If you read my blog, you might know about my last “ex-girlfriend.” One of the first things I said to her when I first heard her voice is that she sounds white. She got pissed and started lecturing me on how there’s no such thing. We never really talked about it again, but sorry…there’s a such thing. She just doesn’t think so because she is from an African family and has had a lot of acquaintances who are from “foreign” families. Well, as I mentioned just a second ago, being more “foreign” is a little bit trickier, more diverse. But it’s not tricky for white Americans and black Americans.

I will say, though, that if I can even find a group that comes in 2nd behind white women as being a nightmare to deal with, it is those more “foreign” people–probably most especially “foreign” women and perhaps even including the American-born ones with immigrant parents. Can’t break it into groups as far as Indian, Latino(a), Chinese, except maybe to lean towards people from the continent of Asia who live in the US most of all (so, in other words, I’m saying Asian and Indian-Asian women)…just all of them. They are difficult customers who also act with some sense of entitlement, and they are, perhaps, only a distant 2nd to white women just because of the frequency with which an American is going to interact with white women vs “foreign” customers.

Over the past few months, I have done a few internet searches on this topic. That’s why I have found that a lot of discussions about white women and entitlement focus on relationships. But a couple of months ago, I found a discussion on lipstickalley.com that let me know I wasn’t the only one who found white female customers overwhelmingly give service workers the dickens…unfortunately, I can no longer find that thread, or else I would link to it. I was surprised at the near unanimity of opinion on white women’s difficulty in that thread, though.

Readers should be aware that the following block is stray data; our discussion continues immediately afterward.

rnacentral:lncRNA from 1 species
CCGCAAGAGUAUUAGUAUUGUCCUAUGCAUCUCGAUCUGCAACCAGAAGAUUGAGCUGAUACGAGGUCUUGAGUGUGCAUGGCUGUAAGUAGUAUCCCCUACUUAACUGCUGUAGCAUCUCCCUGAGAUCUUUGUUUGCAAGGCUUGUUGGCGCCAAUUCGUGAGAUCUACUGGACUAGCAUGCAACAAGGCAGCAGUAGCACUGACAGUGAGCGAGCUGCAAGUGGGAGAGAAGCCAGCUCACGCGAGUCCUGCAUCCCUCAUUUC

I did, however, find one true read that somewhat explains why white men are perceived as feeling entitled and why my experience with people “acking a fool” is almost always with white women as opposed to, say, black people. Also, even though this is about a relationship, I want you to skip to the 5:20 mark of this video and watch for about 50 seconds. Note that the blog post is an acknowledgement of white entitlement by a white male and that the video features probably one of the most racist white characters ever on TV essentially describing white women much the same way as I have. Even though the female described in the clip turns out to be black, she is yet another one of those “white” black chicks (watch the rest of the video if you have time to see what I’m talking about and to get an example of the difficult b!tches I deal with at work).

Tagged , , , , , , , , , , , , , , , , , , , , , , , , , , , , , , ,